Latest Flash

Mr. Big

In The Gutter,  

age ain't nothing but a number.

Mr. Big by Jonathan Brown



The road is always slickest after the first rain. We’d had twenty-nine days of scorching heat then the dark clouds moved in overnight like a bad omen. By eight a.m., I’m on the street and the road is like ice under my rubber. Still I go—gotta get there or I’m toast.

I gun it down Eastman and take a hard right on Main. Breaking slightly before the turn, I punch it coming out. The back end kicks out but I ride it and right it. I’m pushing it when I hear the sirens. They get close. I shoulder-check, seeing as I don’t have a mirror. A black and white Ford Explorer has all grill and roof lights flashing. I don’t care. I’m going for it. I grind the gears as I shift sloppily. I feel every bump as my rubber fights to meet the road. But I won’t be late—can’t be late.

I see my spot and accelerate, crank the wheel, and squeeze between the Beemer and the Audi, and tuck in like a Louisiana tick. The cops scream by and keep on movin’.

I leave the ride and take the steps two at a time. Sprinting down the hall, I deke left and double-deke right. No way is this horde of people going to stop me, not today. I grab the door just before it shuts. The place is packed. Mr. Big holds court. Nobody talks when Mr. Big has the floor. His sleeves are rolled up high on his thick hairy forearms as usual. When Mr. Big puts his pissed off glare on you it’s like being stared down by a Rottweiler. I try not to shake.

“Nice of you to join us, Mister Davis,” he says.

“Sorry, Mister Big,” I say, angling for a chair.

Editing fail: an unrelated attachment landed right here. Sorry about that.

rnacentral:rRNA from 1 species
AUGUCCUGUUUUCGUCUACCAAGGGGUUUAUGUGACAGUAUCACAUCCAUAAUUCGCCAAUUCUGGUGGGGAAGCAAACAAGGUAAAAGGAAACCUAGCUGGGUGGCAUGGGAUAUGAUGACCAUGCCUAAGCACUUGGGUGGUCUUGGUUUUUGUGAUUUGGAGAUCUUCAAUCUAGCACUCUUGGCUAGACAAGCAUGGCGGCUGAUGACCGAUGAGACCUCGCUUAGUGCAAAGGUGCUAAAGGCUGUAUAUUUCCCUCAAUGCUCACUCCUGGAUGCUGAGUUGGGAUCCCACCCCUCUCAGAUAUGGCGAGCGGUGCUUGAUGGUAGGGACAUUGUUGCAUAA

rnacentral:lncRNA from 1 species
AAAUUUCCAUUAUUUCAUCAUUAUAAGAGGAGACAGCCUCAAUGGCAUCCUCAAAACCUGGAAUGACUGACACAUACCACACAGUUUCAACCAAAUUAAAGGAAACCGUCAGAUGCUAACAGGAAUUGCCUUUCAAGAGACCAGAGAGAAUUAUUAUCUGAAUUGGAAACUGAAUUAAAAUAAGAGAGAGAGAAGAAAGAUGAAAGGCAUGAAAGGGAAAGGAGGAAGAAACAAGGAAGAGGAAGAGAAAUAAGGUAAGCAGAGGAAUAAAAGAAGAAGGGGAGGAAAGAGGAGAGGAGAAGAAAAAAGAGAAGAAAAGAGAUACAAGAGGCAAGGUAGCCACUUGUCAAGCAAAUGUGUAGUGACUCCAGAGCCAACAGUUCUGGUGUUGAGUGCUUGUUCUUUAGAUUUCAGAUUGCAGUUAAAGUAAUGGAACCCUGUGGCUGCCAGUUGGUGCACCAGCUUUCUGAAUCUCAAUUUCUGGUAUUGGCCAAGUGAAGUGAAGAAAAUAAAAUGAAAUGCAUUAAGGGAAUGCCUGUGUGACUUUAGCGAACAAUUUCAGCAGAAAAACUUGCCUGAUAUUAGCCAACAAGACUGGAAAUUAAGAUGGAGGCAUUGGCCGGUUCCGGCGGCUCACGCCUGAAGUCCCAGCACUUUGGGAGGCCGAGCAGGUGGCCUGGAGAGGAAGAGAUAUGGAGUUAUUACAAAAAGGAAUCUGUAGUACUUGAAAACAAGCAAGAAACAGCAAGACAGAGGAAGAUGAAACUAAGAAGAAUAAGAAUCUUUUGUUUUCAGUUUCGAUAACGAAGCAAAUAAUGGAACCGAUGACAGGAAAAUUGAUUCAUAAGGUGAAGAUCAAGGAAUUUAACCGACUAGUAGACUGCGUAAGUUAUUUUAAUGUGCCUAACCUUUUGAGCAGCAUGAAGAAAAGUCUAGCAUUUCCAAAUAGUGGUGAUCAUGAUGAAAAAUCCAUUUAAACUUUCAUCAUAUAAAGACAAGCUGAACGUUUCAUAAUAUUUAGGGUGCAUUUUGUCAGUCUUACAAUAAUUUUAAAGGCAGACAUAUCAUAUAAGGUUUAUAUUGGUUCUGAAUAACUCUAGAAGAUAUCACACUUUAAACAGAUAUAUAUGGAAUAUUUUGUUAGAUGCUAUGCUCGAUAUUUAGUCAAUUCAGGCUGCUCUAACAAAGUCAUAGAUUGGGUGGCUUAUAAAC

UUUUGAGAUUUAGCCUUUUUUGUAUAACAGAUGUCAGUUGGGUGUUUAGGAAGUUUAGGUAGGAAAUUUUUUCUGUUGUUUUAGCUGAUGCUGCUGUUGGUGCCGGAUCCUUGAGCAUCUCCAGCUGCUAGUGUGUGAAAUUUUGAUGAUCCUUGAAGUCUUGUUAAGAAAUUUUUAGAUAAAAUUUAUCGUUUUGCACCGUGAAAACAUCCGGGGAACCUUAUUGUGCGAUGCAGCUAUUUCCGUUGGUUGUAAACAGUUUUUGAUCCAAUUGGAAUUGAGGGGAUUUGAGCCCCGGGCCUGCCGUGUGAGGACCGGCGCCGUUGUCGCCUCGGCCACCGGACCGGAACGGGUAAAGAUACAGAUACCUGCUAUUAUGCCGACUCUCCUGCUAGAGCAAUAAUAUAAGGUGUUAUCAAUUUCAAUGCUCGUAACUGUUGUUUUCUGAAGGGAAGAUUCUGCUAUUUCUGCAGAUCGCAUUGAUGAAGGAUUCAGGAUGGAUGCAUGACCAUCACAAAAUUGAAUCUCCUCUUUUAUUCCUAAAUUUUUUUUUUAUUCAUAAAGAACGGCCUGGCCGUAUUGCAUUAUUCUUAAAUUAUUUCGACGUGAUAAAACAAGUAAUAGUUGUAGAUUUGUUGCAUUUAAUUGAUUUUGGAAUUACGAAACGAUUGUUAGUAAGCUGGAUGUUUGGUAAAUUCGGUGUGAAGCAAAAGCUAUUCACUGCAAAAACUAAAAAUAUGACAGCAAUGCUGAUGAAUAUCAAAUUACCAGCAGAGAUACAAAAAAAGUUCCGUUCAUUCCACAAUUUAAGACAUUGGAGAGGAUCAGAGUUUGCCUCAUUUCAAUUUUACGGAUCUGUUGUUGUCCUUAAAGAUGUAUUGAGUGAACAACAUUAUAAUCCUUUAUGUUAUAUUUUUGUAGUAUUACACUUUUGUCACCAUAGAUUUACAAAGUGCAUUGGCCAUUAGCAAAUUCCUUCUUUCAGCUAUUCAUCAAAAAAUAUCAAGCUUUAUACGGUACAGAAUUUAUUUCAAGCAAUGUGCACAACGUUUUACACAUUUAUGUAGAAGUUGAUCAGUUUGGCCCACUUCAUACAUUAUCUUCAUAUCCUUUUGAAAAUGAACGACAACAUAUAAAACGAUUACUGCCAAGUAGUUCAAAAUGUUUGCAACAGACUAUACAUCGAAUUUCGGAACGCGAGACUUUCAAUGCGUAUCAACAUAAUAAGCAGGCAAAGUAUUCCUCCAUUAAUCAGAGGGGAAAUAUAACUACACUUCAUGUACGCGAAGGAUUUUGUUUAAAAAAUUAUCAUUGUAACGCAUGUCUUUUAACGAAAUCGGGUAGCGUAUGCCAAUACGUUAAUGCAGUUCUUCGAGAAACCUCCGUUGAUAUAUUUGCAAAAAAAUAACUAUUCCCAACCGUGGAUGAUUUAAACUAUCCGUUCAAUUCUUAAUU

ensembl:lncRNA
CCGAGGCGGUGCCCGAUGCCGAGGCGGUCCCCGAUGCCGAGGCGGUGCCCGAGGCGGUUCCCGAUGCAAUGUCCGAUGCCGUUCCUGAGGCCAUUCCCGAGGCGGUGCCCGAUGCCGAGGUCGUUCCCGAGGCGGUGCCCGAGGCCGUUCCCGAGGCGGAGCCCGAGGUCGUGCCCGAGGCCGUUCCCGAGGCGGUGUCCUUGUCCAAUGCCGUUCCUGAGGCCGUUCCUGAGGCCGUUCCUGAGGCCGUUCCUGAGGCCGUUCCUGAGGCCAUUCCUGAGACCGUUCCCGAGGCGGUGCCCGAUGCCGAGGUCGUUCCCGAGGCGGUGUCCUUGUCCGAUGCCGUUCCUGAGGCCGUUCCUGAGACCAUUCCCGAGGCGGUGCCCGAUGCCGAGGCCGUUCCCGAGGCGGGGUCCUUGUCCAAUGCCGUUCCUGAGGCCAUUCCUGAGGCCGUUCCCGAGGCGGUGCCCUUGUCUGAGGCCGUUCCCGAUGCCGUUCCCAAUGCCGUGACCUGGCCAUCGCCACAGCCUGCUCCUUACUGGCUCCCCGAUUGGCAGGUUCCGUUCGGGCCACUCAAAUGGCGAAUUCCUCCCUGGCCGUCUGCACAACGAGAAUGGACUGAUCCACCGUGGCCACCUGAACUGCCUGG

“Sorry? That’s it?” His voice is deep like actor James Earl Jones only add two tablespoons of gravel to it and that’s Mr. Big’s soundtrack.

The silence is thicker that grandma’s gravy. A thought hits me before I sit. “Mr. Big I apologize again for being late but I’m going to need, like, another thirty seconds.”

“Oh really? Why don’t tell us why we should wait for you? You do know that if you fail this final you’re looking at summer school? And if you fail that it means no high school for Mr. Timmy Davis. You’ll be looking at eighth grade all over again.” He pauses and folds his big arms. “Talk about middle school blues.”

“Yes, sir, I know,” I nod. “But I just remembered I forgot to lock my bicycle!”

Jonathan Brown recently signed a two-book deal with Down & Out Books. THE BIG CRESCENDO...A Lou Crasher Mystery releases late 2019 and the follow up DON'T SHOOT THE DRUMMER in 2020. He also wrote a bio-fiction book: A BOXING TRAINER'S JOURNEY...A Novel based on the Life of Angelo Dundee on Mentoris Books. It drops February 2019. The often misunderstood rock n roll P.I. writer lives with his hot wife in sunny Southern California. He believes Bogey had it right when he said: "The problem with the world is that everybody is a few drinks behind..."